The women's 5000m at the Rio 2016 Olympic Games (Getty Images) © Copyright
Report Rio de Janeiro, Brazil

Report: women's 5000m heats – Rio 2016 Olympic Games

Almaz Ayana returned to the track four days after her 10,000m world record on Friday and whetted everyone’s appetite for the final on Fridaty, where there is speculation she may try to break the world record of 14:11.15, held by her compatriot Tirunesh Dibaba since 2008.

The first heat on Tuesday morning, in relatively hot conditions with the temperatures at around 21-22 degrees Celsius, saw Japan’s Miyuki Uehara go quickly into a big lead and dashed through the first kilometre in 2:59.96, a rather audacious pace for a runner with a PB of 15:21.40.

At one point Uehara’s lead had grown to 70 metres but then she started to slow and she went through 2000m in 6:07.56.

Initially, the two US runners Kim Conley and Shelby Houlihan made the running for the chasing pack which contained most of the 16 starters, while Great Britain’s Laura Whittle and Turkey’s European champion Yasmine Can also took turns at the front.

With six laps to go, Uehara’s lead had slimmed to 50 metres and from that point on there was a certain inevitability that her bid for glory was going to end well before the last couple of laps.

The Japanese runner was still in pole position as she passed 3000m in 9:18.75 but her lead was shrinking all the time. As she was slowing and the pack was starting to speed up, she was swallowed up by the chasing group with four-and-a-half laps to go.

Can led the field through 4000m in 12:24.25 and there was a five-woman group at the bell: Kenya’s 2012 world indoor 3000m champion Hellen Obiri and her compatriot Mercy Cherono, Can, the Netherlands’ Susan Kuijken and Australia’s Madeline Heiner Hills.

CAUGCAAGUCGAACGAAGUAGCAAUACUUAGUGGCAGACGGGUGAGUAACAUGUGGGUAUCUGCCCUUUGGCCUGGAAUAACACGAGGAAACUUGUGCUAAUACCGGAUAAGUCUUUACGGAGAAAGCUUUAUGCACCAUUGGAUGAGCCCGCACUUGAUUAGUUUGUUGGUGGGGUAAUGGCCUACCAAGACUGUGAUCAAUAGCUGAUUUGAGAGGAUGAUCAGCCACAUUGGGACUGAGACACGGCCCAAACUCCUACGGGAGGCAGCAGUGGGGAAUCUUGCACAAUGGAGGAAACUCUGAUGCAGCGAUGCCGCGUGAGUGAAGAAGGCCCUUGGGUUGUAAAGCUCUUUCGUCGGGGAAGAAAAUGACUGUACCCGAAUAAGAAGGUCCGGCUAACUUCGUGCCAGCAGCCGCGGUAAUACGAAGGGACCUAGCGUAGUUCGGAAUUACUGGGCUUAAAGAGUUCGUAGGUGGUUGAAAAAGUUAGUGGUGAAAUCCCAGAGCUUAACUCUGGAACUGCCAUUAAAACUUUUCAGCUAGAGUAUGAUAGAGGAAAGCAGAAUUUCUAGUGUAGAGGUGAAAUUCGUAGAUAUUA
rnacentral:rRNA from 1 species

Off the final bend there was a sprint to determine bragging rights, won by Obiri in 15:19.38. She was followed home by Can and Obiri, with fourth going to Houlihan who came from back in eighth to get into get one of the top five automatic qualifying positions, the other going to Kuijken.

However, Heiner Hills progressed in sixth place as a fastest non-automatic qualifier, as did the courageous Uehara who finished seventh just over a second outside her personal best.

Ayana accelerates, race over

The second heat saw another Japanese runner push the early pace with Ayuko Suzuki taking the field through the first kilometre in 3:07.59, although somewhat slower than the first heat.

With eight laps to go, Great Britain’s Stephanie Twell took over at the front from Suzuki but just before the 2000m mark – passed 6:13.32 – the 10,000m winner Almaz Ayana moved up through the field and took off.

In the next half a lap, she put 30 metres between herself and the rest of the field and the gap just kept growing and growing.

Ayana kept on ticking off the laps at a tempo nobody else could match, or wanted to, passing 3000m and then 4000m in 9:06.62 and 12:06.86 before crossing the line in 15:04.35, finishing in a relaxed fashion more than 13 seconds clear of the best of the rest as the women behind her battled for the other four automatic qualifying spaces.

They went, in order, to: Ayana’s compatriot and world silver medallist Senbere Teferi, Olympic 10,000m silver medallist Vivian Cheruiyot from Kenya, Norway’s Karoline Bjerkeli Grovdal and Great Britain’s Eilish McColgan.

The only real surprise from the second heat was that 2008 world U20 1500m champion Twell wasn’t among the battle for the top five and the Briton finished eighth in 15:25.90, which was not quick enough to go through as a non-automatic qualifier.

In addition, there was bloody drama four-and-a-half laps from the end.

With the pack closely grouped together as they chased Ayana, New Zealand’s Nicky Hamblin and USA’s Abbey D’Agostino accidentally tripped over one another, the latter badly twisting her knee in the process.

Both ended up on the ground, with Hamblin sporting a big gash to her ankle, but they picked each other up and limped their way through the rest of the race, determined to finish and record a time rather than see DNF (did not finish) beside their names in the results.

The referees later sympathetically advanced the pair, along Austria’s Jennifer Wenth who was also impeded in the collision but not as seriously, advanced to the final.

Phil Minshull for the IAAF